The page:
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The Manual of Museum Learning by Barry Lord

The Manual of Museum Learning by Barry Lord

Author:Barry Lord
Language: eng
Format: epub
ISBN: 9780759113787
Publisher: AltaMira Press
Published: 2013-06-24T16:00:00+00:00


Such a policy and plans should facilitate the operation of the museum learning or education department as described in the pages of this section.

CHAPTER 7

The Centrality of Museum Educators Organizing and Budgeting for Museum Learning

BARRY LORD

One Saturday afternoon in the early 1960s I stopped in to the Vancouver Art Gallery to pick up something I had forgotten from my assistant curator’s office, only to find a distraught receptionist delighted to see me because she was facing down a group of disgruntled young men from a local correctional institution, and their two angry minders, who had brought them to the gallery for a tour that seemed to have slipped off the booking clerk’s list. She immediately told them, “Ah, here is Mr. Lord, now, he will give you the guided tour.”

My impromptu tour began where the hostile group was standing, at the entrance to the Emily Carr Gallery, which we had just reinstalled. Sensing their feelings of alienation that had been reinforced by their initial discovery that the gallery had apparently forgotten them, I took them through the Carr paintings biographically, explaining how she had been isolated as an artist in early twentieth-century British Columbia, how her alienation had led her to abandon painting altogether, and then how her kinship with West Coast First Nations people (of whom there were several in the correctional institute group), and her identification with the awesome landscape of Canada’s Pacific coast, had allowed her to achieve the power and majesty of her later works.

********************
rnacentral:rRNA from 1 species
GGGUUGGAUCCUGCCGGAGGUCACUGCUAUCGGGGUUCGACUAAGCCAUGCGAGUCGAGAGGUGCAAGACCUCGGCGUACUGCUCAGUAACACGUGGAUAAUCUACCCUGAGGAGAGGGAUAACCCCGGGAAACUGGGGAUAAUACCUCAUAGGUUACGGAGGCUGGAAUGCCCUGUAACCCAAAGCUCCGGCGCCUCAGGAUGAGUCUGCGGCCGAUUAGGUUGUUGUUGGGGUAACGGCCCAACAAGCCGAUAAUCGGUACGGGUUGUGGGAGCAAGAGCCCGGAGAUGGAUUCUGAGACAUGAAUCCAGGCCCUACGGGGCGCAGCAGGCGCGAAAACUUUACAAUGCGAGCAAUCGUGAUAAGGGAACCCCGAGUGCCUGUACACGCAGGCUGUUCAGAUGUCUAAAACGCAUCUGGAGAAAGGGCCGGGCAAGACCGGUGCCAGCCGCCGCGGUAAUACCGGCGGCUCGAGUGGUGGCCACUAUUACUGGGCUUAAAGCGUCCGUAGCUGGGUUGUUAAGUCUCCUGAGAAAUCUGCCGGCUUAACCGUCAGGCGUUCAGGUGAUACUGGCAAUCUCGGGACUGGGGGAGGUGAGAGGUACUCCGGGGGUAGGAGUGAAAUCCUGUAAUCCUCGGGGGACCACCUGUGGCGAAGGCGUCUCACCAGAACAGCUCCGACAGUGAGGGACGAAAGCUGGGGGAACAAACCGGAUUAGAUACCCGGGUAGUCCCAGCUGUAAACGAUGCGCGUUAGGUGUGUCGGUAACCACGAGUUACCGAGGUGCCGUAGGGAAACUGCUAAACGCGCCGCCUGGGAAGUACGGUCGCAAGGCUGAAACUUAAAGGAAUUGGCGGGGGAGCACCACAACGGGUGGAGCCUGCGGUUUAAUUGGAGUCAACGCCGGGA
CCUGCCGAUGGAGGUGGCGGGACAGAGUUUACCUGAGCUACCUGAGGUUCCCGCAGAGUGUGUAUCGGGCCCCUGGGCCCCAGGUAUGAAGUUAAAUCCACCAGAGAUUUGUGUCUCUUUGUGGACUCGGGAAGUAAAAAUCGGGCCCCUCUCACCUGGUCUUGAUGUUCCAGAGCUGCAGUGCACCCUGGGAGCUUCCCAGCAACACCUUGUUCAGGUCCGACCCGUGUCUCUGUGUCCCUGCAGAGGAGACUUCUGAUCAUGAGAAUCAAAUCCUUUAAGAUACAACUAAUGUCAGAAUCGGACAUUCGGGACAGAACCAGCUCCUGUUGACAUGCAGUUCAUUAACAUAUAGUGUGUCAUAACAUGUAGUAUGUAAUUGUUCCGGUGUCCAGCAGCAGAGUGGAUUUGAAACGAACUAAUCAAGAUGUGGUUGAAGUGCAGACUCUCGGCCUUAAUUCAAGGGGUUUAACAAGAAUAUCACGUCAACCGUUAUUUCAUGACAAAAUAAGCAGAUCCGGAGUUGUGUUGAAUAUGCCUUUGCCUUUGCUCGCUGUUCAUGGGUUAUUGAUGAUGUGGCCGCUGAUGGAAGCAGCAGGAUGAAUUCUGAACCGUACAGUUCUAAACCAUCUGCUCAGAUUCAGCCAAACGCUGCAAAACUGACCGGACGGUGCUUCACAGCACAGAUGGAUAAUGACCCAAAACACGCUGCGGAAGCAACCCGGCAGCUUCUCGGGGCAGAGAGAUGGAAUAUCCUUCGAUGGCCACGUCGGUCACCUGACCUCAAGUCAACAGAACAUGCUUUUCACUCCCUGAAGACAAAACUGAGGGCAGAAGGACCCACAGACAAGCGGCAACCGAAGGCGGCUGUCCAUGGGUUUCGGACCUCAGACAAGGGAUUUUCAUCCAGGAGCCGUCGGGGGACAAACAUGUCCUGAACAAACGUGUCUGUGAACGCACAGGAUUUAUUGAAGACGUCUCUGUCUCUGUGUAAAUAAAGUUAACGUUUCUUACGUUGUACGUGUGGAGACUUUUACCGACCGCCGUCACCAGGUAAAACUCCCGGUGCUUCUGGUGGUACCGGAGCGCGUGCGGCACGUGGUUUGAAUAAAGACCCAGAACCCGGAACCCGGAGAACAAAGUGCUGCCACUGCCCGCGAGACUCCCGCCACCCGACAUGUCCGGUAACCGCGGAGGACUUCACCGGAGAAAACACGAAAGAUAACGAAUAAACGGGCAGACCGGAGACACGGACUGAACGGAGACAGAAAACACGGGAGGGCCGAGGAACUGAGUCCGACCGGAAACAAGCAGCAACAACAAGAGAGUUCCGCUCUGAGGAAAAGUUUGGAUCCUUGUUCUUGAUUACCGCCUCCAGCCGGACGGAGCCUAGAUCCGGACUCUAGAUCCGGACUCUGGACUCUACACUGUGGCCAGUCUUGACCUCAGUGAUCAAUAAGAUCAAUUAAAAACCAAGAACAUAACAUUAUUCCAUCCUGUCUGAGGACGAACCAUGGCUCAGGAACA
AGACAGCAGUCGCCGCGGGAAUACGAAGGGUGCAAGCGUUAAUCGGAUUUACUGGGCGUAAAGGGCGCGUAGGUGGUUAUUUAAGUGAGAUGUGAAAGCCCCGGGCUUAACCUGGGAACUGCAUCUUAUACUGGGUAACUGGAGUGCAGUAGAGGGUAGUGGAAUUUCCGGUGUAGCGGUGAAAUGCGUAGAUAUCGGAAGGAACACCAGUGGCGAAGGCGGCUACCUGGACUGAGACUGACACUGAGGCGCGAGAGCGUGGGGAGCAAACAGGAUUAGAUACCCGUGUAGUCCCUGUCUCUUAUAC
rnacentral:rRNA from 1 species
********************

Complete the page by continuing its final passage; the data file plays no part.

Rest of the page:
As the tour progressed, the mood of the group changed, as more and more of the young men, and even their minders, saw how their own lives had parallels to that of the artist. We ended in a gallery of contemporary art produced by local painters and sculptors, and several heads nodded when I said that young men just like them often felt a similar alienation, and expressed it in works like those they could see around us.

It was a 1960s incident. Postmodern art historians have subsequently qualified Carr’s heroic life story (although the essential facts are undisputed), and the approach to contemporary art that stresses expression of alienation was already somewhat dated by the advent of pop and minimal art, as I knew at the time. But the broader lesson of the experience for me was the potential that we, as museum educators, have to help visitors find their way in, to discover the relevance of what the museum has to offer, and to make it part of their lives. Museum educators can make a difference.

Hence the title of this chapter: “The Centrality of Museum Educators.” Any consideration of organizing and budgeting for museum learning must begin with the staff and volunteers who are at the center of the museum learning experience for many visitors. Of course, curators and exhibition designers aim to communicate directly with the visitors, and graphics and audio tours can be powerfully effective. We want the unaccompanied visitor to enter deeply into the learning experience, and he or she need not be dependent on a guide.



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